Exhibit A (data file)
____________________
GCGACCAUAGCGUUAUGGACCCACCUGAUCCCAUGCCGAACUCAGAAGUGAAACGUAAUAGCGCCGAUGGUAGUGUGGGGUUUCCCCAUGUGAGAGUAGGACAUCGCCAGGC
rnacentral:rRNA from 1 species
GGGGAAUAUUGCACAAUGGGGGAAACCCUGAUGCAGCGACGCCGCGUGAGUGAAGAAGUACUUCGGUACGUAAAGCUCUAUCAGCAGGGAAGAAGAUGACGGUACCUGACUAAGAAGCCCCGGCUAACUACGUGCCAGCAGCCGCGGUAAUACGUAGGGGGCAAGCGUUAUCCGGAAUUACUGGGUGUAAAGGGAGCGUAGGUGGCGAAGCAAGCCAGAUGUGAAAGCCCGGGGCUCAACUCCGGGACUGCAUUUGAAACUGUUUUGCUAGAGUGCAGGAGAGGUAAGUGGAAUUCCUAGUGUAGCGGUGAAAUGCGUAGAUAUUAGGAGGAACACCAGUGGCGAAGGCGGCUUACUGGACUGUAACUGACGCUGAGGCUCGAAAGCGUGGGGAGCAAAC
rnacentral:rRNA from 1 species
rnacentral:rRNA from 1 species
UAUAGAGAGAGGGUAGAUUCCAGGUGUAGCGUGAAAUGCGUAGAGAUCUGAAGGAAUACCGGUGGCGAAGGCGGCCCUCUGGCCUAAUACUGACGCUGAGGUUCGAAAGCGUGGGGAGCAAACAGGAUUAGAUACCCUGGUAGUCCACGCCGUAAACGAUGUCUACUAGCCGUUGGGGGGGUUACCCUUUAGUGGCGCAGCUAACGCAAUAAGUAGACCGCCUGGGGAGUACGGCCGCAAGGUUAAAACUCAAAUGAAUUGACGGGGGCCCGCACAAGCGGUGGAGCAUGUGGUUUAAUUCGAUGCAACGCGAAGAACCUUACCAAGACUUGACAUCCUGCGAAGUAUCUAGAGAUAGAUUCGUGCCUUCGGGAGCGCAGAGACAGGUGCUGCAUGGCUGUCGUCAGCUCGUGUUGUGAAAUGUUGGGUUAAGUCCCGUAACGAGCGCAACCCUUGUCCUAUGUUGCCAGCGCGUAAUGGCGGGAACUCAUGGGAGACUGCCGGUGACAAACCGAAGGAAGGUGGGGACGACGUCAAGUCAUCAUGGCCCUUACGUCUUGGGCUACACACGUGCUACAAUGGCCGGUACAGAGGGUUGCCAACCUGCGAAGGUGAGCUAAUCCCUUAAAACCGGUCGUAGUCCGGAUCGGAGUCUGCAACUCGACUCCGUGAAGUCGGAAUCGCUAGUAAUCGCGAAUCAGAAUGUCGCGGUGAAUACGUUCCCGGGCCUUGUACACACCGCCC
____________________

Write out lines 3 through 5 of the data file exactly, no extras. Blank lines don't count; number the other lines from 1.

GGGGAAUAUUGCACAAUGGGGGAAACCCUGAUGCAGCGACGCCGCGUGAGUGAAGAAGUACUUCGGUACGUAAAGCUCUAUCAGCAGGGAAGAAGAUGACGGUACCUGACUAAGAAGCCCCGGCUAACUACGUGCCAGCAGCCGCGGUAAUACGUAGGGGGCAAGCGUUAUCCGGAAUUACUGGGUGUAAAGGGAGCGUAGGUGGCGAAGCAAGCCAGAUGUGAAAGCCCGGGGCUCAACUCCGGGACUGCAUUUGAAACUGUUUUGCUAGAGUGCAGGAGAGGUAAGUGGAAUUCCUAGUGUAGCGGUGAAAUGCGUAGAUAUUAGGAGGAACACCAGUGGCGAAGGCGGCUUACUGGACUGUAACUGACGCUGAGGCUCGAAAGCGUGGGGAGCAAAC
rnacentral:rRNA from 1 species
rnacentral:rRNA from 1 species